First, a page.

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Why Domestic Violence Is on the Rise During the Pandemic

Why Domestic Violence Is on the Rise During the Pandemic

Here’s how victims of intimate partner violence can reach out for help.

Updated April 20, 2020; 6:00pm EST

Hundreds of millions of people around the world are living under stay-at-home orders because of COVID-19. But for some victims of domestic abuse, home is not the safe haven it should be during this time of crisis. In fact, the pandemic has spawned a dangerous wave of intimate partner violence behind closed doors.

“We know lockdowns and quarantines are essential to suppressing COVID-19,” United Nations (U.N.) Secretary-General António Guterres said in an April 2020 statement. “But they can trap women with abusive partners. Over the past weeks, as economic and social pressures and fear have grown, we have seen a horrifying global surge in domestic violence.”

Reports of domestic violence in France have increased 30 percent since the country went on lockdown in March, according to the U.N. They’ve also spiked in Argentina, Singapore and many other countries around the globe—including the United States.

Intimate partner violence in America
Cities across the U.S. are reporting more domestic violence calls to police, and many departments are expecting a surge in cases as stay-at-home orders drag on.

In New York City, the epicenter of the U.S. COVID-19 outbreak, domestic violence officers have been conducting phone calls with abused partners, sharing safety plans and cell phone access with them, and carefully setting “code words” for them to signal abuse in close quarters.

In hard-hit Chicago, domestic violence calls reportedly rose more than 14 percent in the week ending April 5, compared to the same week in 2019. In response, ride-share companies Uber and Lyft have stepped in by donating free rides to Chicagoans fleeing abuse. The program will be coordinated through the state’s domestic violence hotline.

Domestic and family violence is on the radar of Congress, too. Lawmakers set aside $45 million for domestic violence prevention programs as part of the $2.2 trillion Coronavirus Aid, Relief, and Economic Security (CARES) Act package signed into law in March 2020.  

How advocates are handling the influx
Workers at domestic violence hotlines are often the first to hear of an abusive home situation. Calls, chats and texts to the National Domestic Violence Hotline are currently averaging 1,800 to 2,000 per day during the COVID-19 crisis, says Chief Executive Officer Katie Ray-Jones. While that volume is typical, she notes that there’s been an increase in the number of people who are concerned their abusive partner is using the pandemic to further isolate, coerce or increase fear in the relationship.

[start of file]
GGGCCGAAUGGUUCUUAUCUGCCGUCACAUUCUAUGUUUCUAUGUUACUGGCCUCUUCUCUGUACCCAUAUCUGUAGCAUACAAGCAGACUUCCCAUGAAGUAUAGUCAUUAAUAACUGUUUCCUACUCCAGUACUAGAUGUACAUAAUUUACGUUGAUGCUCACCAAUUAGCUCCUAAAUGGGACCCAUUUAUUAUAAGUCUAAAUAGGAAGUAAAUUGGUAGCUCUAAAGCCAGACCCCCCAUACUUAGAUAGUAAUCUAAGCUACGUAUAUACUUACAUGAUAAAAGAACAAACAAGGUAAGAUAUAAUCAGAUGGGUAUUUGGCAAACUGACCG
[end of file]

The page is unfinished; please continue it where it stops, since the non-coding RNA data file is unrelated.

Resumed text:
This abuse could manifest in different ways, according to a March 2020 Hotline report. Some abusers may use fear of the virus to keep people away from their children or extended family. They could prevent their partners from receiving medical help. Or, they may withhold items like hand sanitizer, disinfectants and insurance cards. One Hotline caller even reported they were abused after their partner “was sure” they were trying to infect them with the virus.

Help may be limited, too. Partners may not be able to reach out for help if their abusers are watching their every move during isolation, Ray-Jones says. The usual resources, like court action on protection orders and access to medical clinics, may not be available. There are reports that some shelters are full or have stopped taking new people to keep current residents healthy, as well.

When you need help
If you’re concerned about or have already experienced intimate partner violence during the pandemic, it’s important to have a strategy to remain safe while you’re at home or, if necessary, to leave. The National Domestic Violence Hotline’s Path to Safety can help you create a plan to protect yourself.

Ray-Jones encourages vulnerable people to call the Hotline at 1-800-799-7233, privately chat through the website or text “loveis” to 22522. Hotline advocates can help abuse victims come up with ways to stay safe in their unique situation and locate resources available in the community. If you feel like you’re in immediate danger, call 911.

Unfortunately, the true extent of COVID-19’s impact on domestic violence probably won’t be known for some time. “We suspect that we may not see a surge in individuals reaching out until shelter-in-place protocols are lifted and as people start returning to work or school and are apart from their abusive partners,” Ray-Jones says.

Medically reviewed in April 2020

Sources:
United Nations. “Amid Global Surge in Domestic Violence, Secretary-General Urges Governments to Make Prevention, Redress Part of National COVID-19 Response Plans.” April 5, 2020.
United Nations. “The Shadow Pandemic: Violence Against Women and Girls and COVID-19.” April 6, 2020.
NBC News. “Police See Rise in Domestic Violence Calls Amid Coronavirus Lockdown.” April 5, 2020.
New York Police Department. “NYPD Announces Citywide Crime Statistics for March 2020.” April 2, 2020.
ABC News. “Dramatic increase in domestic violence calls to Chicago police over the last 3 weeks.” April 6, 2020.
Office of the Mayor of Chicago. “City of Chicago Partners with Lyft and Uber to Address an Increase in Victims Needing to Flee Violence.” April 9, 2020.
Johns Hopkins Bloomberg School of Public Health. “Intimate Partner Violence.”
National Domestic Violence Hotline. “The Hotline Commends Passage of the CARES Act.”
National Domestic Violence Hotline. “Staying Safe During COVID-19,” “Path to Safety.”

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